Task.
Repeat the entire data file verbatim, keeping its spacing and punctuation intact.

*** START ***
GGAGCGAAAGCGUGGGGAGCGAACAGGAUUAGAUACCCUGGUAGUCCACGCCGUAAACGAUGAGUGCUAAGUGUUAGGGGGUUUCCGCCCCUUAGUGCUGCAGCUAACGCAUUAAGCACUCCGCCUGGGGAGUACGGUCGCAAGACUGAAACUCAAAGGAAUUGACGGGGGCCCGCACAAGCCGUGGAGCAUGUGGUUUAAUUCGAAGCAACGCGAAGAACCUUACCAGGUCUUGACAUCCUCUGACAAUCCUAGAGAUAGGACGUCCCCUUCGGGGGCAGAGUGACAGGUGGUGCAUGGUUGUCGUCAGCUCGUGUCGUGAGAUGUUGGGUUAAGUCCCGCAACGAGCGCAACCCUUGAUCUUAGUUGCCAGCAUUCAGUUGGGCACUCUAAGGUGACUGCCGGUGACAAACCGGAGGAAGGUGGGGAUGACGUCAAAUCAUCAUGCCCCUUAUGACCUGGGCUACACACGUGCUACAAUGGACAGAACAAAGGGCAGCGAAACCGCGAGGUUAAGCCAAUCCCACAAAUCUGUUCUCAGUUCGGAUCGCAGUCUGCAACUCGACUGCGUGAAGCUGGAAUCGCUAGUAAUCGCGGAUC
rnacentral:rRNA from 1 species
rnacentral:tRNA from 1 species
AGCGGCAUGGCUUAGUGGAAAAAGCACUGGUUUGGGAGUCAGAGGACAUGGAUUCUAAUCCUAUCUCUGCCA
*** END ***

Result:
GGAGCGAAAGCGUGGGGAGCGAACAGGAUUAGAUACCCUGGUAGUCCACGCCGUAAACGAUGAGUGCUAAGUGUUAGGGGGUUUCCGCCCCUUAGUGCUGCAGCUAACGCAUUAAGCACUCCGCCUGGGGAGUACGGUCGCAAGACUGAAACUCAAAGGAAUUGACGGGGGCCCGCACAAGCCGUGGAGCAUGUGGUUUAAUUCGAAGCAACGCGAAGAACCUUACCAGGUCUUGACAUCCUCUGACAAUCCUAGAGAUAGGACGUCCCCUUCGGGGGCAGAGUGACAGGUGGUGCAUGGUUGUCGUCAGCUCGUGUCGUGAGAUGUUGGGUUAAGUCCCGCAACGAGCGCAACCCUUGAUCUUAGUUGCCAGCAUUCAGUUGGGCACUCUAAGGUGACUGCCGGUGACAAACCGGAGGAAGGUGGGGAUGACGUCAAAUCAUCAUGCCCCUUAUGACCUGGGCUACACACGUGCUACAAUGGACAGAACAAAGGGCAGCGAAACCGCGAGGUUAAGCCAAUCCCACAAAUCUGUUCUCAGUUCGGAUCGCAGUCUGCAACUCGACUGCGUGAAGCUGGAAUCGCUAGUAAUCGCGGAUC
rnacentral:rRNA from 1 species
rnacentral:tRNA from 1 species
AGCGGCAUGGCUUAGUGGAAAAAGCACUGGUUUGGGAGUCAGAGGACAUGGAUUCUAAUCCUAUCUCUGCCA